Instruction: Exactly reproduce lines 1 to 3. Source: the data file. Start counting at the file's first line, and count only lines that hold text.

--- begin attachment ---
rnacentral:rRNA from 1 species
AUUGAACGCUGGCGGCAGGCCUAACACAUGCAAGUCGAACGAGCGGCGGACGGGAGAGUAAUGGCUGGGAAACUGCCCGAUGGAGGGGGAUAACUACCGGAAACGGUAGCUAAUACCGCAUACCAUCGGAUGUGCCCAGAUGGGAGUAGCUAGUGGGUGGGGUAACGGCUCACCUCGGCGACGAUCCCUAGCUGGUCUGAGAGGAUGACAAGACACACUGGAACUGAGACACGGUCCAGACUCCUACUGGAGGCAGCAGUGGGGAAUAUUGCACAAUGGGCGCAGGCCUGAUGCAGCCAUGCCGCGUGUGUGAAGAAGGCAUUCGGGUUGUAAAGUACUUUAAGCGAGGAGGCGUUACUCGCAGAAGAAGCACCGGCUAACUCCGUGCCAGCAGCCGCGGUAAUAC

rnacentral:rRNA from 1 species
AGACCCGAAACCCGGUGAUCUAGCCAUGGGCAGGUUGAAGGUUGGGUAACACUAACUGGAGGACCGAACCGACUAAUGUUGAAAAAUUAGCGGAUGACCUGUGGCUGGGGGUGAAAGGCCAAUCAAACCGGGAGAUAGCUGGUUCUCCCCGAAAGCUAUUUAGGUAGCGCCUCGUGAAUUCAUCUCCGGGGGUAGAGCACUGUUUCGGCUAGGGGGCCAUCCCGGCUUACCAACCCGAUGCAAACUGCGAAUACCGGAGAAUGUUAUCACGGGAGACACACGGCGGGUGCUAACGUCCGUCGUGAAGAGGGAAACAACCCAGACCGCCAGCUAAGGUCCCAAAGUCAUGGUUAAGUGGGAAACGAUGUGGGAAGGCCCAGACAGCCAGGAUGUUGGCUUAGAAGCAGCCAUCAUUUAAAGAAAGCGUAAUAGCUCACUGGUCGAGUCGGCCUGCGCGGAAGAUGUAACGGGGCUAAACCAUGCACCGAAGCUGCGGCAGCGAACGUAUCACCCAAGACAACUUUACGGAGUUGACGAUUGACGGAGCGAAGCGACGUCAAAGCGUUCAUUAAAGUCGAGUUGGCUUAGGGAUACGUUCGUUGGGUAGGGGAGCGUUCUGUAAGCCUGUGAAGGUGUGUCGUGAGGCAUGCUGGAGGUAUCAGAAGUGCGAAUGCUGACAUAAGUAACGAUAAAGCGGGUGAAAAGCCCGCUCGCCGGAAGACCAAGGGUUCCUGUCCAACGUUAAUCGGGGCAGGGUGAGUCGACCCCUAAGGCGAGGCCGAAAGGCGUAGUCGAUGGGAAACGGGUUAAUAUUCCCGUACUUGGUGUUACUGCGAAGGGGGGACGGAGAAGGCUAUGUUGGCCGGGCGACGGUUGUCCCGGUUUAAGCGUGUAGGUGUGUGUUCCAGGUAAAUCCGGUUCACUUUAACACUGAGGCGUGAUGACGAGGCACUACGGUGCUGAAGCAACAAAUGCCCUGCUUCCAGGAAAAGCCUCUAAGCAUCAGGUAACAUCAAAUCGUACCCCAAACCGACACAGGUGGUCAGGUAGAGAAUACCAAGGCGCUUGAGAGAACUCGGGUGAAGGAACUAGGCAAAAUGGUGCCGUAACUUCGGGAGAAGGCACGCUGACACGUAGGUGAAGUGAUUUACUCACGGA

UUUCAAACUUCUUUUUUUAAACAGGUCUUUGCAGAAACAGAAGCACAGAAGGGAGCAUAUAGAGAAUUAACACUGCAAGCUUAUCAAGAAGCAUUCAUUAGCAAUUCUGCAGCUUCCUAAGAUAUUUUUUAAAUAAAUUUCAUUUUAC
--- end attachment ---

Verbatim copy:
rnacentral:rRNA from 1 species
AUUGAACGCUGGCGGCAGGCCUAACACAUGCAAGUCGAACGAGCGGCGGACGGGAGAGUAAUGGCUGGGAAACUGCCCGAUGGAGGGGGAUAACUACCGGAAACGGUAGCUAAUACCGCAUACCAUCGGAUGUGCCCAGAUGGGAGUAGCUAGUGGGUGGGGUAACGGCUCACCUCGGCGACGAUCCCUAGCUGGUCUGAGAGGAUGACAAGACACACUGGAACUGAGACACGGUCCAGACUCCUACUGGAGGCAGCAGUGGGGAAUAUUGCACAAUGGGCGCAGGCCUGAUGCAGCCAUGCCGCGUGUGUGAAGAAGGCAUUCGGGUUGUAAAGUACUUUAAGCGAGGAGGCGUUACUCGCAGAAGAAGCACCGGCUAACUCCGUGCCAGCAGCCGCGGUAAUAC

rnacentral:rRNA from 1 species